STARKVILLE — Both the Mississippi Index of Coincident Indicators and the Mississippi Index of Leading Indicators rose in October relative to September, according to the State Institution of Higher Learning’s (IHL’s) December “Mississippi Economic Review and Outlook.”
In both cases, the increase was modest. Digging into the details show the economic data is mixed, IHL reports.
Recent Mississippi employment data show an increase in most sectors. But this may reflect problems with adjusting for seasonality rather than an expanding employment base. On the other hand the national employment figures are starting to look much less negative and initial unemployment claims for Mississippi have fallen in recent months, suggesting the employment outlook might actually be improving.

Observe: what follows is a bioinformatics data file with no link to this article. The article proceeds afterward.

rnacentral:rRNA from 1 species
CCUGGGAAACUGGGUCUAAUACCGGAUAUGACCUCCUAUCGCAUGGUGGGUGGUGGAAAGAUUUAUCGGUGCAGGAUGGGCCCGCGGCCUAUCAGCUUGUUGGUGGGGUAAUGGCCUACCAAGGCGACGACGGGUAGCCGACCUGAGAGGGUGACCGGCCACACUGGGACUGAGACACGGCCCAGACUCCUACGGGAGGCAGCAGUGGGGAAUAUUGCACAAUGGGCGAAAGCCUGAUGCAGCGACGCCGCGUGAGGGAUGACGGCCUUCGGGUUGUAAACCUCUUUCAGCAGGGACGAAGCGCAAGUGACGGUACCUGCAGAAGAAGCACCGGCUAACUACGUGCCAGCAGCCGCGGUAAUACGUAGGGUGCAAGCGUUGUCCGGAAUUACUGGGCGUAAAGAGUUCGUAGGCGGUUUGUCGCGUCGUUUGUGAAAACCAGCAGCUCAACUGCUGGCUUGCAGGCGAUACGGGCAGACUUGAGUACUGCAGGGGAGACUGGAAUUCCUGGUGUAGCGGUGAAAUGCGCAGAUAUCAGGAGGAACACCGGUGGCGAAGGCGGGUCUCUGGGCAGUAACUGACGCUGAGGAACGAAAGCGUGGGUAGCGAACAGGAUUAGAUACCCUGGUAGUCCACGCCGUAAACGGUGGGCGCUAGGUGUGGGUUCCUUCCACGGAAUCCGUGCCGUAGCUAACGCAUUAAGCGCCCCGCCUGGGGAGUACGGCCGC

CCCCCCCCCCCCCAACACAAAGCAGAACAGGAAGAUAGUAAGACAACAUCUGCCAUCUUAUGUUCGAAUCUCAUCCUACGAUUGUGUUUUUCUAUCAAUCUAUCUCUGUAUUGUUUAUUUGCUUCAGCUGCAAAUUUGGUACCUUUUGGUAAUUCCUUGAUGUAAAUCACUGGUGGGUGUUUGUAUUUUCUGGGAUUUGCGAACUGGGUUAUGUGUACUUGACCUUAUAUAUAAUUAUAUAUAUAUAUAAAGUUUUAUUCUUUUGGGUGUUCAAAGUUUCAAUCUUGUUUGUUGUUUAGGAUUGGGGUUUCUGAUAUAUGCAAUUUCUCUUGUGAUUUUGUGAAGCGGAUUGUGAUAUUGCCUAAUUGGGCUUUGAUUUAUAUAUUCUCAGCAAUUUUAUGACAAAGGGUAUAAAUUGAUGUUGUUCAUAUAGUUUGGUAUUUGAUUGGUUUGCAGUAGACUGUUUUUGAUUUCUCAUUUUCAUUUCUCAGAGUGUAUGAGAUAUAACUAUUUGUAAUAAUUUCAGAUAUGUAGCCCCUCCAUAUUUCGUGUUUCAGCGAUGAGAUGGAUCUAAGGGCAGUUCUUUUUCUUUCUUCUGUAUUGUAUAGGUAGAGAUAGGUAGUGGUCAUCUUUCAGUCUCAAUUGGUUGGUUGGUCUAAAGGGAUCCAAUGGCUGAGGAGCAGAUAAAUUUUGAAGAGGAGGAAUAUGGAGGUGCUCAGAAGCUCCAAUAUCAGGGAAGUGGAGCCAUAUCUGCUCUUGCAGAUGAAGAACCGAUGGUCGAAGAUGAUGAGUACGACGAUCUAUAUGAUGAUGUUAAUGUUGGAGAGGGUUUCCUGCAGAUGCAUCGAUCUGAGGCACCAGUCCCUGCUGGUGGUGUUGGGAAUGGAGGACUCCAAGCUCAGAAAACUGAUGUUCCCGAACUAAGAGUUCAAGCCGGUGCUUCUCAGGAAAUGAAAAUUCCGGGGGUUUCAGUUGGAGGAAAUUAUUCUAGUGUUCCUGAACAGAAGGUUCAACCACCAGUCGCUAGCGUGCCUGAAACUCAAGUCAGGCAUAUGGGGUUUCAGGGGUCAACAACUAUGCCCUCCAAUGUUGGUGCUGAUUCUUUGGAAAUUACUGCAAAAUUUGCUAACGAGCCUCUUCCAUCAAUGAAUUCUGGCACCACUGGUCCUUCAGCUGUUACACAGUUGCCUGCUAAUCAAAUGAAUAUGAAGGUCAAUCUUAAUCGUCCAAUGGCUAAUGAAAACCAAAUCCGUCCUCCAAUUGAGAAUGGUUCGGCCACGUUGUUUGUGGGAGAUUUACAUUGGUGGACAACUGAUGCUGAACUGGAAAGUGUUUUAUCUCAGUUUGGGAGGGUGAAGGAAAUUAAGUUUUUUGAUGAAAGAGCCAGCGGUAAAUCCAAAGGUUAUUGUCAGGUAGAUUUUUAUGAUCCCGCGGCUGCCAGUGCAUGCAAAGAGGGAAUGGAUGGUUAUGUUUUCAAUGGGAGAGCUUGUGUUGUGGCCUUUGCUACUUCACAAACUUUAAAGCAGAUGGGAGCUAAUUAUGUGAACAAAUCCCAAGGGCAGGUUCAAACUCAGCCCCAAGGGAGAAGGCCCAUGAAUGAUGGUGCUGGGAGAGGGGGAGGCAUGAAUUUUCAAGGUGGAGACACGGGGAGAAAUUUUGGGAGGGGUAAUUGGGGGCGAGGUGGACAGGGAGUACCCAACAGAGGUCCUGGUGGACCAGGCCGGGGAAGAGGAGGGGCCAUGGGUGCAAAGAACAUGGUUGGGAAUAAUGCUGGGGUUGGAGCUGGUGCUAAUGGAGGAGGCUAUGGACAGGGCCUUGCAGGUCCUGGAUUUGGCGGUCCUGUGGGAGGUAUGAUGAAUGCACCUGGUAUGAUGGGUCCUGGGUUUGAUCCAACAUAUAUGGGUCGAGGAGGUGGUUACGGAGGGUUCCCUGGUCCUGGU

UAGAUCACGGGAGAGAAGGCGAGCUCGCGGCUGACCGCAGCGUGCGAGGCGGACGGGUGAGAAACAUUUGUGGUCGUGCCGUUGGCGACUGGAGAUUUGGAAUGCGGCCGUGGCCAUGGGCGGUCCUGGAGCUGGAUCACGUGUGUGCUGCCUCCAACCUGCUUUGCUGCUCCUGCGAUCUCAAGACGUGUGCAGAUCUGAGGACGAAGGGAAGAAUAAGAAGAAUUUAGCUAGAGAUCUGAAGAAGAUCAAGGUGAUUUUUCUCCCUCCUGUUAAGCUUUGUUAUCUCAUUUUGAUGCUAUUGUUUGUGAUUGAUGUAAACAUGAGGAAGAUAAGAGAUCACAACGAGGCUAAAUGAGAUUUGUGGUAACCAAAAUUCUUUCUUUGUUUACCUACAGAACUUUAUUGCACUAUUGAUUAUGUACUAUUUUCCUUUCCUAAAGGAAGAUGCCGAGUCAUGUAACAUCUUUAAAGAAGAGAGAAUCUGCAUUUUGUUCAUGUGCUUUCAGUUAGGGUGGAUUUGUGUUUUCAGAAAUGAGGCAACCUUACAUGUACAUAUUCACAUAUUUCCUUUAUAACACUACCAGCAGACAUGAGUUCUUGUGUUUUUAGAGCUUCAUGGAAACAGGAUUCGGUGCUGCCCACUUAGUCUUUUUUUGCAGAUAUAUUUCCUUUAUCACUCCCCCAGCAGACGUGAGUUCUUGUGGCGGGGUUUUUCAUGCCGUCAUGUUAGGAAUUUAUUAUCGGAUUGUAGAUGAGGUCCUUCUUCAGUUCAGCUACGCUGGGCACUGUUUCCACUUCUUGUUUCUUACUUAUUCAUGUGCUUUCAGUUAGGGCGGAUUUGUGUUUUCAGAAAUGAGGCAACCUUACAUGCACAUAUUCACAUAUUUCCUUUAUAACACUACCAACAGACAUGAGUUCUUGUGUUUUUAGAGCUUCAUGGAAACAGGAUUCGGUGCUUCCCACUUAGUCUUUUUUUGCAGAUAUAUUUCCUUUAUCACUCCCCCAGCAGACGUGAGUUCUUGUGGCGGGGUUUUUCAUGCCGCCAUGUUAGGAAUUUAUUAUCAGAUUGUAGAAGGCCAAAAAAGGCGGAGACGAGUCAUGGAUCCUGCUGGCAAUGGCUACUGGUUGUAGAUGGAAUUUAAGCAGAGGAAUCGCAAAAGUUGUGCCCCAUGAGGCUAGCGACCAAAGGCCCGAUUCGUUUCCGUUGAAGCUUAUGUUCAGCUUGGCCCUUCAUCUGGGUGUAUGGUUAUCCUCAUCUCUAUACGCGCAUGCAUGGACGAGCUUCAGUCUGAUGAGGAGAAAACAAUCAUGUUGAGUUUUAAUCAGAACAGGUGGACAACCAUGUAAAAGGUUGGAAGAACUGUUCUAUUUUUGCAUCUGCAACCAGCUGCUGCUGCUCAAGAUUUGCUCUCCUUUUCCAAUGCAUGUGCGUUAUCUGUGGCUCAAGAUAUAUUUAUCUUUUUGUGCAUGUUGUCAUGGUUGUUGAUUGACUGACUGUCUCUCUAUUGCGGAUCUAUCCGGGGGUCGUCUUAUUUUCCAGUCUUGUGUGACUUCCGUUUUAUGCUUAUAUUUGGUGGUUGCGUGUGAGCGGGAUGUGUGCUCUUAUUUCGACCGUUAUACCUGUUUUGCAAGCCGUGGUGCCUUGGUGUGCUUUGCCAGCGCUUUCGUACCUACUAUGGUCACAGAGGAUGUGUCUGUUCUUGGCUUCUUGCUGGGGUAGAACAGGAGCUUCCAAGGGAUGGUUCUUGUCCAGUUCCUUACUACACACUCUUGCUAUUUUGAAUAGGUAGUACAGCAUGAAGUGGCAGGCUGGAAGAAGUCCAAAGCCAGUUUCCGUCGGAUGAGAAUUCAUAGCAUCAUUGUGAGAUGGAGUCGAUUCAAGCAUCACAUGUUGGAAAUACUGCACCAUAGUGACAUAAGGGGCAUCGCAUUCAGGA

Withholdings continue to show a downward trend and retail sales are anemic. The GDP figures for the third quarter were revised downward and some expect further downward revisions.
The national housing sector has shown some positive trends in recent months.
Manufacturing activity remains positive, although it did moderate in October.
Early indications are that the Christmas shopping will not be strong.
Such a diversity of signals is expected as an economy slowly begins to recover from a deep recession. The economy clearly remains weak and is vulnerable to further shocks. Consumers, in particular remain fearful, of the future. This is not helped by the uncertainty surrounding large ticket legislation such as cap and trade and healthcare reform. The mounting debt levels and the certainty of rising taxes have both consumers and business leaders hesitant to spend. The new found fiscal restraint may not help measures of economic activity, but, after years of living off of credit, may be the best course of action for consumers, business leaders and the long-run health of the economy.